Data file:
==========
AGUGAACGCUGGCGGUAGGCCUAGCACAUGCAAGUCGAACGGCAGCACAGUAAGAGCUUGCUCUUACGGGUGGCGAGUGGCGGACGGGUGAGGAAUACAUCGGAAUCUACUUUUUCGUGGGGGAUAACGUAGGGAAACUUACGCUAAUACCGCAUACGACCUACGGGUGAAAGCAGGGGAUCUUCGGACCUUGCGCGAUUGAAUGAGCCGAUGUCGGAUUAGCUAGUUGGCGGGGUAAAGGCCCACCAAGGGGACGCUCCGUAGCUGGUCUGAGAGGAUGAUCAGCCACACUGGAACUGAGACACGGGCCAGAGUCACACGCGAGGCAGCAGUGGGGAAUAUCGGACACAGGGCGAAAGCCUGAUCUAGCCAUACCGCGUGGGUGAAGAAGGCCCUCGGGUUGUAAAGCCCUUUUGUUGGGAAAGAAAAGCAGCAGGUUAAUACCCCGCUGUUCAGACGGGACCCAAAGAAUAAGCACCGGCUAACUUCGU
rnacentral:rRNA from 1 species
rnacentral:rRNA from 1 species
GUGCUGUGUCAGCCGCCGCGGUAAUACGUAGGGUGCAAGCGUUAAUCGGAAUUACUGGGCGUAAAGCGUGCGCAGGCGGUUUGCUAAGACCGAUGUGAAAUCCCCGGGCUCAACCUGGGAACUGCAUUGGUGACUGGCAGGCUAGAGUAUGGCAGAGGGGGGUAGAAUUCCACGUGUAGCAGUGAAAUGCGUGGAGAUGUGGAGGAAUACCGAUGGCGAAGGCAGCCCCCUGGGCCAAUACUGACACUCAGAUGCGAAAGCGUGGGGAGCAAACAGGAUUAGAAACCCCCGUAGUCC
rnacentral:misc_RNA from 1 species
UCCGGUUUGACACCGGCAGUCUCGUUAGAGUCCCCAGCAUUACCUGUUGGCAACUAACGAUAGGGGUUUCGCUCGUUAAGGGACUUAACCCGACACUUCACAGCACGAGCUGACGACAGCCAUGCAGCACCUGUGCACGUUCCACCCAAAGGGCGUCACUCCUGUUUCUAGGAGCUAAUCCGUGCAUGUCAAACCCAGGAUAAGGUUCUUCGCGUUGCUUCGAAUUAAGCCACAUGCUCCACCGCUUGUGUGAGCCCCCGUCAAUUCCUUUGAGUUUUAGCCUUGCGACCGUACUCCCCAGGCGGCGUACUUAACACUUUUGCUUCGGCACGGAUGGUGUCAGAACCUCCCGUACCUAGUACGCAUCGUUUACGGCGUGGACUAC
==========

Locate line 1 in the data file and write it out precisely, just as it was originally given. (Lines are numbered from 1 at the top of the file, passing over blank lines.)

AGUGAACGCUGGCGGUAGGCCUAGCACAUGCAAGUCGAACGGCAGCACAGUAAGAGCUUGCUCUUACGGGUGGCGAGUGGCGGACGGGUGAGGAAUACAUCGGAAUCUACUUUUUCGUGGGGGAUAACGUAGGGAAACUUACGCUAAUACCGCAUACGACCUACGGGUGAAAGCAGGGGAUCUUCGGACCUUGCGCGAUUGAAUGAGCCGAUGUCGGAUUAGCUAGUUGGCGGGGUAAAGGCCCACCAAGGGGACGCUCCGUAGCUGGUCUGAGAGGAUGAUCAGCCACACUGGAACUGAGACACGGGCCAGAGUCACACGCGAGGCAGCAGUGGGGAAUAUCGGACACAGGGCGAAAGCCUGAUCUAGCCAUACCGCGUGGGUGAAGAAGGCCCUCGGGUUGUAAAGCCCUUUUGUUGGGAAAGAAAAGCAGCAGGUUAAUACCCCGCUGUUCAGACGGGACCCAAAGAAUAAGCACCGGCUAACUUCGU